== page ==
“My first “visual inspirations” date back to the days when I attended ENSAD in Paris, one of the French Grandes Ecoles, after moving from Italy to France in my twenties. We were among the first in this school to be trained in computer-based post production, according to the American study methods, and to learn to use the first version of programs such as Maya and Softimage. At that time my visual inspirations basically derived from watching Canadian and American comics and French cartoons, pure surrealism. As soon as we finished our courses and obtained the diploma, post-production companies came directly to our school to hire us … therefore I worked first on a Claude Zidi movie, “Asterix and Obelix vs. Caesar”, and then also on movies by [Luc] Besson, [Roman] Polanski and other important directors.
During those years, I was so engrossed in the stylistic possibilities made available by computers in post production that I also took part in the creation of experimental short films. Afterwards, while still working, I decided to resume my studies and I earned a Masters degree at the Sorbonne in Paris in Aesthetics and New Media.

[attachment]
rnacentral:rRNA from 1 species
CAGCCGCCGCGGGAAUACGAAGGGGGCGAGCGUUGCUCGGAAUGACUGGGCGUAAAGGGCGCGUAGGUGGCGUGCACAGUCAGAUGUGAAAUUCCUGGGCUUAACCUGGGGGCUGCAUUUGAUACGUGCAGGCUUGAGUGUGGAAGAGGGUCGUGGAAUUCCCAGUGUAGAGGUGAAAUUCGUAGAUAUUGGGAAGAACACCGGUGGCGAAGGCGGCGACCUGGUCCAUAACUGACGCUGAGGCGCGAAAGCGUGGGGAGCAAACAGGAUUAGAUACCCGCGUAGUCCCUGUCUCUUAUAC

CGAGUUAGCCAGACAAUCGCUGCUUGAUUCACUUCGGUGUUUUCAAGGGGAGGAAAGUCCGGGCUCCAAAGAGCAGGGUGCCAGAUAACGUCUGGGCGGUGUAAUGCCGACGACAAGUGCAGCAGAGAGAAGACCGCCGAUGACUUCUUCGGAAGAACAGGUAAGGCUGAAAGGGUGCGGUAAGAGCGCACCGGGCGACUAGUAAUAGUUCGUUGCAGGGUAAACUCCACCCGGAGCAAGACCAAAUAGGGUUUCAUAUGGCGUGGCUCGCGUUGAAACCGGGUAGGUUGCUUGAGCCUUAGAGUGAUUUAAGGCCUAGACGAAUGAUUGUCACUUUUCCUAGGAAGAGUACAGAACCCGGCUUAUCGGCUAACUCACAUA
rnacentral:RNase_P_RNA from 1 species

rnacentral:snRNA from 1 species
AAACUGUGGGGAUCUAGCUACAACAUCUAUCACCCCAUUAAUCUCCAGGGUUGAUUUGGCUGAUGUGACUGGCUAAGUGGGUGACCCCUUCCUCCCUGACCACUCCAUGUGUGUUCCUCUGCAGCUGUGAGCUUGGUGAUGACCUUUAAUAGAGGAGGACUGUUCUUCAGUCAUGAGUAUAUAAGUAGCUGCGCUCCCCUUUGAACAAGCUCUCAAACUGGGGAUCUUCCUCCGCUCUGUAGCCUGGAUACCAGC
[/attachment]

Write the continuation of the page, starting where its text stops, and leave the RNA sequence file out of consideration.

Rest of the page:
My passion for pictures drove me then to the field of pure photography and, as I was based in NYC at that time, I took classes at the International Center of Photography (ICP) and I joined the studio of David LaChapelle. My background is highly inspired by contemporary French directors/artists or by surrealists like Dalì, but I also love the aesthetics of the visual effects of movies of the 50s. For example I truly admire Hitchcock’s aesthetics.
I love what is “unbelievable” in everyday life because life itself, for better or for worse, is always filled with twists and turns. This concept is very clear-cut in the “Unanswered Prayers” series: a dull trivial day is shaken by an extraordinary event which turns everything upside down. Here comes the flood… how should we react? The apartment becomes a metaphor for Noah’s Ark where the animals, as always, are able to adapt, they play with the water as if unaware of the danger, while the more farsighted humans try to exceed their limits and they even begin to fly. In my personal aesthetic vision I believe it is a primordial need to convey important messages (as in my case the changing ecosystem and global warming) in the simplest and most accessible, almost playful way, such as the pictures of the animals playing in flood waters in a modern Noah’s Ark.”
Anna Paola Pizzocaro